A look at healthcare spending 0
During election campaigns, Dalton McGuinty paints a rosy picture of the economy and takes full credit for it.
After elections, it's all dark clouds and rain, $16 billion in provincial deficit and significant belt-tightening across the board, none of it his fault, but still wanting us to believe that he's the guy who's going to pull us out of it.
I'll not blame the economic crisis that grips most of the world on McGuinty, but I will lay blame for the situation in Ontario squarely at his feet, because, folks, we are where we are because this is the guy who was driving the bus.
And by the narrowest of margins, he still does.
And the bus he drives is wasteful and costing us a fortune in squandered money.
This past year $16 billion more than they've taken in.
They spend a lot, but do so in poorly targeted ways, and we're on the hook for the results, usually in the form of higher taxes and fees coupled with reduced services.
Witness the situation with Cliff Nordal the hospital executive in London, Ont. who received a $1.17 million bonus, on top of his salary, just to stay on the job for four years.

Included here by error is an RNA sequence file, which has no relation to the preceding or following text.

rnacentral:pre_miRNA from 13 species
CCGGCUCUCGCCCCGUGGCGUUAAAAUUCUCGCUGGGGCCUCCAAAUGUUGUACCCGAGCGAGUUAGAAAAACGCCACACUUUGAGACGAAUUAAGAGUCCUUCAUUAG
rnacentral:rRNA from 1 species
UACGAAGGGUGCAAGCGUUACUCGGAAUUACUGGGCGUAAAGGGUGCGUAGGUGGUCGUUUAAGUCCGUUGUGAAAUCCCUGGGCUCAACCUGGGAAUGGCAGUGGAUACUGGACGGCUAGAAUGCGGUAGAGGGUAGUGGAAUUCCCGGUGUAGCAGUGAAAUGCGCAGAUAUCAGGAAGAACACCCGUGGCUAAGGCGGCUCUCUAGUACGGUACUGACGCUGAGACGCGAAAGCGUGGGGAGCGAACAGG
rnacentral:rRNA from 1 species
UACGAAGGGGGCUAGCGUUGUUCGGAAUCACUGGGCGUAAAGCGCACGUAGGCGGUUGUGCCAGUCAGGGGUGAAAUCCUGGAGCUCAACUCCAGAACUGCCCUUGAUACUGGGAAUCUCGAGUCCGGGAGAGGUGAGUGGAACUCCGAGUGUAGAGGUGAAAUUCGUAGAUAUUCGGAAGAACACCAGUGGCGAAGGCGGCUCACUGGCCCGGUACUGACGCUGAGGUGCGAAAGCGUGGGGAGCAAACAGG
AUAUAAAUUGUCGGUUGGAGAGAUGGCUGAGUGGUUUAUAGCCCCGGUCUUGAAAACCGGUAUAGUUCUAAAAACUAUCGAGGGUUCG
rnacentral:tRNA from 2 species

The then chair of the London Health Science s Centre, Jeff Low, who structured the deal back in 2006 keeping it secret until recently, has now been appointed chair of the Southwest Local Health Integration Network.
Earlier this week Health Minister Deb Matthews commented that the deal was "way beyond troubling."
Well madam minister it was you who appointed Mr. Low.
Honestly, they just don't seem to get it.
No wonder we're in the mess we're in.
We'll leave the ORNGE air ambulance scandal for another day.
If the McGuinty Liberals were better stewards of the public purse, the provincial deficit would not be where it is today, something the Drummond Report points out.
And so it appears we're in for a bit of a tough time here economically, with stories like the one above contributing factors.
As Deb Matthews herself asked, "How much health care could we have bought with that money?"
Good question, Deb.
It's still possible to have a tremendous influence over what's happening in the province through the use of sound, judicious economic policy enacted for the best interests of the province at large.
And some of these policy proposals, put forward by Tim Hudak's PCs, are the extension of innovative thinking that's current with the times.
Managed competitions for government contracts and the delivery of public services is one such idea.
Rather than just leaving these the sole purview of public sector unions, who currently enjoy a stranglehold, such competitions should be opened up to private-sector unions, businesses, and non-profits as well, creating the competition that delivers efficiencies and enhancement of quality.
It's a practice already in place in the United Kingdom and some American states, and Florida, for one, has already seen a savings of some $500 million over five years.
That's money that in Ontario, we could buy a lot of healthcare with.